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Arts & Culture

Student Art Evokes Frustration, Sorrow and Hope in a Nation of Guns

Seven Works Honored in Sadat Art for Justice and Peace Competition

By Maggie Haslam

bullet casings arranged in shape of United States

“Neverending,” a depiction of the 321 people shot each day in the United States, took first prize in the wall-hanging category in the 2023 Sadat Art for Justice and Peace competition.

Photos by John T. Consoli

A mass of 321 bullet casings tightly arranged in the shape of the United States—representing the average number of people shot each day in this country—was among the winning entries in this year’s University of Maryland Sadat Art for Justice and Peace Competition.

“Neverending,” by art major Mary Mena ’24, was recognized Friday alongside student works of smudged acrylic, etched steel and digital art depicting the toll of gun violence.

"This year's theme, ‘Victims of Gun Violence,’ is one that haunts our entire nation and has been prioritized by our university,” said Shibley Telhami, Anwar Sadat Professor for Peace and Development and founding director of the program. “We already address this issue in our research and in our ongoing public opinion polling, but artists speak powerfully about issues of social justice through their visual representation.”

[120 Initiative Presents Pathway to Fewer Gun Deaths]

Hosted jointly since 1998 by the Anwar Sadat Chair for Peace and Development and the Department of Art, the competition challenges students from UMD’s Department of Art to conceive two- and three-dimensional pieces that evoke peace and reconciliation around a contemporary theme. The competition is now held in coordination with the university’s Arts for All Initiative, which develops new and reimagined curricular and experiential offerings that nurture different ways of thinking to spark dialogue, understanding, problem-solving and action.

In past years, student artists have offered powerful statements around Islamophobia, the Black Lives Matter movement, 9/11 and the refugee crisis, with winning artworks presented to Sadat lecturers including Nelson Mandela, Kofi Anan and the Dalai Lama.

The 2023 jury included Telhami; Sylvia Pines, wife of university president Darryll J. Pines; Katherine Wilkens Van Hollen, wife of U.S. Sen. Chris Van Hollen of Maryland; Annette Aburdene and Suava Salameh, sponsors of the Sadat Art for Peace Program; Department of Art Chair Brandon Morse; art Professor Cy Keener; and Dana Priest, John S. and James L. Knight Chair in Public Affairs.

Below are this year’s winners:

bell cast from melted bullet casings

Stephanie Mercedes, “Be What a Bullet Can’t Be”
First Place, Three-Dimensional
A bell cast from melted bullet casings transforms weapons of death into a symbol of remembrance, the MFA student said in their artist statement. “Like gun violence, which ripples through a community, a bell’s vibrations can ripple but also heal,” said Mercedes. “I hope to transform the materiality of violence into its opposite: peace.”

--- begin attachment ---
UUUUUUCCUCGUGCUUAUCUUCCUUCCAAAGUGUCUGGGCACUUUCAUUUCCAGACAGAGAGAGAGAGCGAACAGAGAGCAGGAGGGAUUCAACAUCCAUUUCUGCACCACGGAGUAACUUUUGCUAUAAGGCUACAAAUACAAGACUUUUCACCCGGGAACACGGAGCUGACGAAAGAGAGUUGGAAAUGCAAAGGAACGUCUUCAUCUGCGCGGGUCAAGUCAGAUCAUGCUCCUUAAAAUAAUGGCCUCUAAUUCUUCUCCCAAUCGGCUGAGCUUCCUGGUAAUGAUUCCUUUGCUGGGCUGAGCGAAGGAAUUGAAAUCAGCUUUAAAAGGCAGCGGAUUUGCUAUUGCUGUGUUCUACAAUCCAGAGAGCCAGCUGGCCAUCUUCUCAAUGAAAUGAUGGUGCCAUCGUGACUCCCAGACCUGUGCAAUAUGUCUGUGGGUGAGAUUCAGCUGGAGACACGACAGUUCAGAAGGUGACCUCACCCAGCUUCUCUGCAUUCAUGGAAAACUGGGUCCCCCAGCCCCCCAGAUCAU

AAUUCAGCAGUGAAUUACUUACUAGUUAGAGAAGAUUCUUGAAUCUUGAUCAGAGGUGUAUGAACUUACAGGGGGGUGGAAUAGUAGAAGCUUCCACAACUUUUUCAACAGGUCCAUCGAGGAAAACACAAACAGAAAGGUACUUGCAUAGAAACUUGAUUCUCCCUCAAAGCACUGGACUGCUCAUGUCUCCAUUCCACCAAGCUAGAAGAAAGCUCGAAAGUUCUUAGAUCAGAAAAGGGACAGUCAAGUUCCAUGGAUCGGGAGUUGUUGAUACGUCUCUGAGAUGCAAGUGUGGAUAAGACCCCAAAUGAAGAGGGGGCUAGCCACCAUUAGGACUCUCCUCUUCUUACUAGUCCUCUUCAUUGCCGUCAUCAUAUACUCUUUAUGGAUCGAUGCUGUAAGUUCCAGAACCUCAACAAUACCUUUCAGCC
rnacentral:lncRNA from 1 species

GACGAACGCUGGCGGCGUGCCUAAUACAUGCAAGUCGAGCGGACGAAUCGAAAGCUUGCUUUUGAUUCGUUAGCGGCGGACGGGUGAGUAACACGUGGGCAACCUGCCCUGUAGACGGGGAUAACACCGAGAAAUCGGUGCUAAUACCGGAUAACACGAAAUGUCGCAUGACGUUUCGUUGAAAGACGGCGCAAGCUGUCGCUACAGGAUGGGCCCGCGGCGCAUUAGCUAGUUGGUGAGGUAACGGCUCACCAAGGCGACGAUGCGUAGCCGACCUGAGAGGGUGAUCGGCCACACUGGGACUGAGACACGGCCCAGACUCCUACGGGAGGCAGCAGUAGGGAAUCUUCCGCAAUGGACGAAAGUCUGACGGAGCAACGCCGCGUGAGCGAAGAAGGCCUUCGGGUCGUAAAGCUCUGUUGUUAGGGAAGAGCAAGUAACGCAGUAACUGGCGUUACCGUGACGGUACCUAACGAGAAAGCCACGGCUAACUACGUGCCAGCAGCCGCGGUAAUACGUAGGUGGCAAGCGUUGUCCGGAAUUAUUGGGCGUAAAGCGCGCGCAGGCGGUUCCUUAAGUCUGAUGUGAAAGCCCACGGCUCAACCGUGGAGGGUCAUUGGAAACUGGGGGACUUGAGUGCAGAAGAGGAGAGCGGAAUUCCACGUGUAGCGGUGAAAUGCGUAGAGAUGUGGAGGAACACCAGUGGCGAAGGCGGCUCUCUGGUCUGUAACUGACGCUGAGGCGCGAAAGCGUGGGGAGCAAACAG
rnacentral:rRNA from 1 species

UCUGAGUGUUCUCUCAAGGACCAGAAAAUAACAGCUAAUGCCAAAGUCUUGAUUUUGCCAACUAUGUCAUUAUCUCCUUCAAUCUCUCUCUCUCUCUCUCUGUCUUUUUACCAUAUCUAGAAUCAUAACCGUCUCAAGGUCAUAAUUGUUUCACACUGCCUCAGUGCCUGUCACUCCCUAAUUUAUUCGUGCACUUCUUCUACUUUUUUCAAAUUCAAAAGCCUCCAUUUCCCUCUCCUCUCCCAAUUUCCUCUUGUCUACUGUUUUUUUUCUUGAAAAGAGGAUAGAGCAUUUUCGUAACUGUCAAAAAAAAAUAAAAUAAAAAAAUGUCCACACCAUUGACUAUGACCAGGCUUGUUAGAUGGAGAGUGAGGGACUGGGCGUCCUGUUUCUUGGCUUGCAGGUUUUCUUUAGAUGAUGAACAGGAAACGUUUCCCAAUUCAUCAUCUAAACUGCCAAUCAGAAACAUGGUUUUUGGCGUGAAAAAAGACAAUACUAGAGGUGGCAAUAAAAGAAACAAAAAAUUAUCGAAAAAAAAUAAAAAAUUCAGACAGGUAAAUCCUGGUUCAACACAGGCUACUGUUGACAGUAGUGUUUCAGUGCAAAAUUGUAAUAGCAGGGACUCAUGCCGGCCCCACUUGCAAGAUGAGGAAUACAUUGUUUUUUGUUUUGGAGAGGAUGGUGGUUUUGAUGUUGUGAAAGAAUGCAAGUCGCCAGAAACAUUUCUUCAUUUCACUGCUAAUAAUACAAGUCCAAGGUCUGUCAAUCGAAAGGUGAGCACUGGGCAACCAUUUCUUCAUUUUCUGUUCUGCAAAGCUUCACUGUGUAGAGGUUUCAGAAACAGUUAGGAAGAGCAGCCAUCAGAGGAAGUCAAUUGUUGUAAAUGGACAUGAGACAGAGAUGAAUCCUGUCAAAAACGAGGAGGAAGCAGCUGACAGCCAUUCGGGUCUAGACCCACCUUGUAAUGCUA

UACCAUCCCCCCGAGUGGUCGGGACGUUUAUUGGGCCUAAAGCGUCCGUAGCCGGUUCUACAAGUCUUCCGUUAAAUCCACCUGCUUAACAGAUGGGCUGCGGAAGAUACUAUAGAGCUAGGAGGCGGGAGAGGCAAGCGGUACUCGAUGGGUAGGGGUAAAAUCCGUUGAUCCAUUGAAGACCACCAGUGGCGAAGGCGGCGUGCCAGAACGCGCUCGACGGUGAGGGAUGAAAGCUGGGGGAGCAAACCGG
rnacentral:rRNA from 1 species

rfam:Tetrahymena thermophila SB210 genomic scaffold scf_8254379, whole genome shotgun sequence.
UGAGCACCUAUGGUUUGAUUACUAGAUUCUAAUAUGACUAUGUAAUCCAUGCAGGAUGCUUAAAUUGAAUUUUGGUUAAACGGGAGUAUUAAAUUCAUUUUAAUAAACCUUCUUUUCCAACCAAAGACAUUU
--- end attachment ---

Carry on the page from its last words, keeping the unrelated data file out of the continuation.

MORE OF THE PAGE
ukulele filled with shell casings and flowers

Mary Mena, “Tainted”
Second Place, Three-Dimensional
This mixed-media transformation of a ukulele, its belly filled with shell casings and flowers, symbolizes the death of Mena’s cousin—who loved to make music—by gunfire. “Change needs to happen, not just for my cousin's sake, but for all our loved ones.”

honeycomb-colored wood box

Lynn Nguyen, “Recess”
Honorable Mention, Three-Dimensional
Nguyen’s honeycomb-colored wood box contrasts with its contents—two resin guns—to emulate the contrast between the “rigidity of systems perpetuating gun violence and the potential for healing,” questioning how compassion and peace can rid the world of violence. “By connecting with our inner selves and committing to change, we can work toward a safer and more nurturing future for everyone,” said Nguyen.

bullet casings in the shape of the United States

Mary Mena, “Neverending”
First Place, Wall-hanging Art
“Neverending” is a commentary on the normalization and propensity of gun violence and how it overshadows the promise of the American dream. “We hear about a number of mass shootings and school shootings,” said Mena. “We go on with our day as if nothing has happened.”

framed images of student hiding under desk and newspapers with gun violence headlines

Maya Lee, “No Child Left”
Second Place, Wall-hanging Art
Lee’s digital representation of the contemporary American classroom, where desks and bookshelves are repurposed as shields, expresses the frustration of a generation numbed to the horrors of school shootings. “Gun violence turns a classroom from sanctuary to battlefield,” said Lee. “It turns desks from apparatuses of intrigue and creativity into fortresses.”

A nervous system made of gun components on a field of bullet-riddled steel

Hartley Carlson, “The Weight of an Empty Gun”
Third Place, Wall-hanging Art
A nervous system made of gun components traces the movement of cortisol—the body's stress hormone—on a field of bullet-riddled, battered steel, emulating the visible and invisible affronts of gun violence. “This work serves as a visceral reminder that gun violence is not just a problem for its direct victims, but for all who live with the fear and uncertainty it brings,” said the artist.

red textured painting

Maryam Ali, “( قدموں کے نشان ) ( رد پا ) Footprints”
Honorable Mention, Wall-hanging Art
Ali’s piece memorializes the violent 2022 government crackdowns in Iran, known as “Bloody Friday,” and imagines the chaotic and bloody hospital floor encountered by family members searching for their loved ones. “The painting is a somber reminder of the pain and loss we must strive to prevent,” said Ali.

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